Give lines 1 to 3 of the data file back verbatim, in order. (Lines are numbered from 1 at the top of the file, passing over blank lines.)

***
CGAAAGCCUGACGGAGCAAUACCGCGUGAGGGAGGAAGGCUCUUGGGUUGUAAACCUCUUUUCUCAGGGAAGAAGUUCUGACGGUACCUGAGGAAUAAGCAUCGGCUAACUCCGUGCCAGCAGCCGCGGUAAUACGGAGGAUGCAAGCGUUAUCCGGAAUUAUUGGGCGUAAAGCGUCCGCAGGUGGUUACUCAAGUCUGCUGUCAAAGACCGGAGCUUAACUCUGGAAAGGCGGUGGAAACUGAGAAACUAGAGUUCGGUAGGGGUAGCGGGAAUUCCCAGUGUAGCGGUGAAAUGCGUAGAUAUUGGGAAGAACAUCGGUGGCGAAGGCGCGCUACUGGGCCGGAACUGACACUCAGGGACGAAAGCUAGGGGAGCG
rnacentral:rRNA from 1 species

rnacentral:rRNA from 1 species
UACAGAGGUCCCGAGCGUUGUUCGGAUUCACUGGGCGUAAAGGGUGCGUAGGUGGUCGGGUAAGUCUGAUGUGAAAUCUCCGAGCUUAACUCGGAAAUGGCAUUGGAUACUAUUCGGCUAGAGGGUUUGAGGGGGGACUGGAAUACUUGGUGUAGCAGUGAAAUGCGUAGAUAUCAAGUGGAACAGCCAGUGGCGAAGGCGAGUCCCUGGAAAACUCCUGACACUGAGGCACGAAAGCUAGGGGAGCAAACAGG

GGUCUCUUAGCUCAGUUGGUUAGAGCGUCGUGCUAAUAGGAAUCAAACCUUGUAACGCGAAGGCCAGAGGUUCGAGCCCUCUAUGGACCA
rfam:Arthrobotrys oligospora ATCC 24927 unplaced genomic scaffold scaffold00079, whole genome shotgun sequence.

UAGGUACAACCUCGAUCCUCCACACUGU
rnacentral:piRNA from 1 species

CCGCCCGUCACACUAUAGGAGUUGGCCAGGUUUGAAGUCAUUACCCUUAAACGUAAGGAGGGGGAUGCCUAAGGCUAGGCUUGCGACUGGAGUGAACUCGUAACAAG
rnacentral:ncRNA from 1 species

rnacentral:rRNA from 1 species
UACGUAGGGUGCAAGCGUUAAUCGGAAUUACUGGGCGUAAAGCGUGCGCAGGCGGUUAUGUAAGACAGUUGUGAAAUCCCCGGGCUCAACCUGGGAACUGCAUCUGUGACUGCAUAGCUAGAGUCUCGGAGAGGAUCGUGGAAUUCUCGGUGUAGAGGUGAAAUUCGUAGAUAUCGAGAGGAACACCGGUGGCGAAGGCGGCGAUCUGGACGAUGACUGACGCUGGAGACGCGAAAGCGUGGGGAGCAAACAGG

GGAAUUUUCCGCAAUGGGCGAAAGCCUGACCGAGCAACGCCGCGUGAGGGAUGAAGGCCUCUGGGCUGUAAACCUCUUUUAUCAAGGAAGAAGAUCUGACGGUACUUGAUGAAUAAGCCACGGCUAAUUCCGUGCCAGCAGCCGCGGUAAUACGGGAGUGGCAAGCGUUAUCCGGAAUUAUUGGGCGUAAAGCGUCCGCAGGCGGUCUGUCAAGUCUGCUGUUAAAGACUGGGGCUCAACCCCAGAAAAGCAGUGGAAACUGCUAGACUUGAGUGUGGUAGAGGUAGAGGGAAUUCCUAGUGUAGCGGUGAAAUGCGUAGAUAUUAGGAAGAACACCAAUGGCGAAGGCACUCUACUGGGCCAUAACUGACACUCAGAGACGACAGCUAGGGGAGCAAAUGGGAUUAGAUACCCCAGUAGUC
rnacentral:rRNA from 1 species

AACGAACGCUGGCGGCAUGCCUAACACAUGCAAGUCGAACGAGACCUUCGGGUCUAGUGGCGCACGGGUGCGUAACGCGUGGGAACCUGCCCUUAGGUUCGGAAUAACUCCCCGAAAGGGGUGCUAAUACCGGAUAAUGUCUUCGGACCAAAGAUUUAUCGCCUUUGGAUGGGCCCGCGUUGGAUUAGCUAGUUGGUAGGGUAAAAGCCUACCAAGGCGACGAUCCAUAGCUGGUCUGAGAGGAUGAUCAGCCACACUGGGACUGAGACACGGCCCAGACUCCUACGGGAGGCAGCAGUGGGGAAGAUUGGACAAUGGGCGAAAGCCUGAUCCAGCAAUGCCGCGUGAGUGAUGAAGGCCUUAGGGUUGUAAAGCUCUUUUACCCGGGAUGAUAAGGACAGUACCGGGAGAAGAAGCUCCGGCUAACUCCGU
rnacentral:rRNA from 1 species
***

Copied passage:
CGAAAGCCUGACGGAGCAAUACCGCGUGAGGGAGGAAGGCUCUUGGGUUGUAAACCUCUUUUCUCAGGGAAGAAGUUCUGACGGUACCUGAGGAAUAAGCAUCGGCUAACUCCGUGCCAGCAGCCGCGGUAAUACGGAGGAUGCAAGCGUUAUCCGGAAUUAUUGGGCGUAAAGCGUCCGCAGGUGGUUACUCAAGUCUGCUGUCAAAGACCGGAGCUUAACUCUGGAAAGGCGGUGGAAACUGAGAAACUAGAGUUCGGUAGGGGUAGCGGGAAUUCCCAGUGUAGCGGUGAAAUGCGUAGAUAUUGGGAAGAACAUCGGUGGCGAAGGCGCGCUACUGGGCCGGAACUGACACUCAGGGACGAAAGCUAGGGGAGCG
rnacentral:rRNA from 1 species

rnacentral:rRNA from 1 species